Should a 23-year-old run your social media?

Late last week, Hollis Thomases wrote an inflammatory post on Inc. titled “11 Reasons a 23-Year-Old Shouldn’t Run Your Social Media.” The post, obviously, outlines specific reasons why the youth of today are ill-equipped to handle valuable online communities and messaging.

I might be a bit sensitive because, you know, I am one of these youngsters who (apparently) has no idea how the internet works. However, in speaking with marketers and social media professionals, it’s clear that it isn’t just young people who are offended. Imagine, if you will, that I took to Wired and wrote a post called “12 Reasons a 42-Year-Old Shouldn’t be Allowed to Use Computers in the Office.

But it’s not just the far-reaching title of the post that is bothersome – it’s the horrible, outdated, and generalized tips within.

Let’s look at number four – “ You can’t control their friends.” Thomases illustrates how friends posting on company social media accounts might create “inappropriate content.” Thomases may have 10,000+ Twitter followers, but it appears she has absolutely no idea how sharing and post visibility settings work on a number of social media sites. How do I know this? I manage (currently) communities with over 100,000 followers, likes, and +’es.

Tip number two also shows an outdated, old-fashioned approach to workplace conduct. The tip reads “They may be focused on their own social-media activity,” and warns employers that (gasp!) employees may spend time on that Facebook thing. Tsk-tsk, Hollis. Twitter ad account managers regularly spend time on Facebook looking at ads competitors place, testing how well targeting works, and finding content that engages audiences. How do I know? My uninformed, uncontrollable, unfocused 21-year-old self was just at the Twitter offices talking about this with people who work at Twitter. 

The rest of the tips don’t seem to be focused on the age of social media and online community managers, instead, they seem to be basics for managers of folks who have access to an organization’s social media outlets.  Anyone who looks at these tips and thinks “Wow! What original insight about managing and hiring employees with access to social media,” shouldn’t be hiring or involved in social media branding. Period.

At best, this article is a misinformed attack on the wrong demographic. Worst case scenario? We’re looking at a marketer who is fighting to find legitimacy in a world where young people can do her job naturally, faster, more efficiently, with less formal training, and at a better price. In essence, Hollis is bashing her competition in an attempt to elevate her fading old-school business model to online marketing.

Mike Gore is an opinionated college student at Western Washington University studying Public Relations.  He manages Facebook, Twitter, and Google + accounts for a number of businesses both locally and internationally. On Twitter, he’s @mikegore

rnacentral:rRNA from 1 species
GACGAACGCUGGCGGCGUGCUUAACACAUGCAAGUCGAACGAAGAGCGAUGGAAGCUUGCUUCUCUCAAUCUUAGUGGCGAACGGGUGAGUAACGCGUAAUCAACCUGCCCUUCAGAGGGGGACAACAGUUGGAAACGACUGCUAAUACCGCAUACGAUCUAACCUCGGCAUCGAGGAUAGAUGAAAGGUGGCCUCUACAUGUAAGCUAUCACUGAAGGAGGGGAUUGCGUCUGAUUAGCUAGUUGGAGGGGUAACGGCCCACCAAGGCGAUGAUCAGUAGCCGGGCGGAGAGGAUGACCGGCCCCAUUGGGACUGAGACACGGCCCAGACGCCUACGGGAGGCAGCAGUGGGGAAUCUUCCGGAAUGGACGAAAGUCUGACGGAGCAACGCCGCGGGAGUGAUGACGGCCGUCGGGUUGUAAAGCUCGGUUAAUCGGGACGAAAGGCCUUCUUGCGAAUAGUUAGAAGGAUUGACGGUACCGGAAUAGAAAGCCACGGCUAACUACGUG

Image via Homeschool Family Life

Join the discussion 5 Comments

  • Alyssa VandeLeest says:

    Wow, as a 23-year-old who runs my own (successful) PR and social media firm, the Inc. article leaves a bad taste in my mouth too. Community management is about the maturity, professionalism, creativity and work ethic of the community manager, not his or or her age.

  • Completely agree. Reality is, we love working with super experienced talent here at Outsource Marketing. Sometimes, that “super experienced talent” happens to be the youngest person in the room. 

    The key here is hiring the right people, providing the appropriate training and management. It also means learning when to trust your people and stay out of their way. 

  • Mallie Hart says:

    It all depends on the individual. We’ve all met incredibly savvy young twenty-somethings and we’ve also met less than with it people in their middle years. That doesn’t mean there aren’t immature just out of college applicants, nor does it mean we’re all washed up after 40. We look to the individual and their actions and try to gauge expertise and value on an individual basis. And we refrain from making ridiculous blanket statements. 

  • Marie A says:

    It’s pretty obvious that age bias is short-sighted. As someone who is, um, shall we say a wee bit older than 23, I grow weary of what seems to be the near-constant drumbeat that *only* 23 year olds can handle social media. I had my undies in an uproar just this past week over a broadcast message I received from a woman of my own age chirping about wanting a 20-something to help her with her social media.

    The larger issue is that many businesses are looking for some magic bullet, pre-packaged, guaranteed for success social media presence, and that ain’t the way the world works. I meet owners of companies who just think having a page on Facebook, a “Tweeter” account and that “Pin Thing” isn’t a strategy of any kind.

    Let’s take age out of the equation entirely and have more discussion of the broader issues, including educating the business community more about how to develop a long-term social media plan.

  • dbarefoot says:

    Wow, that was laughable, ignorant link bait from Hollis Thomases (whose name, by the way, suggests that you’re describing a room full of men named Thomas). It was best ignored.

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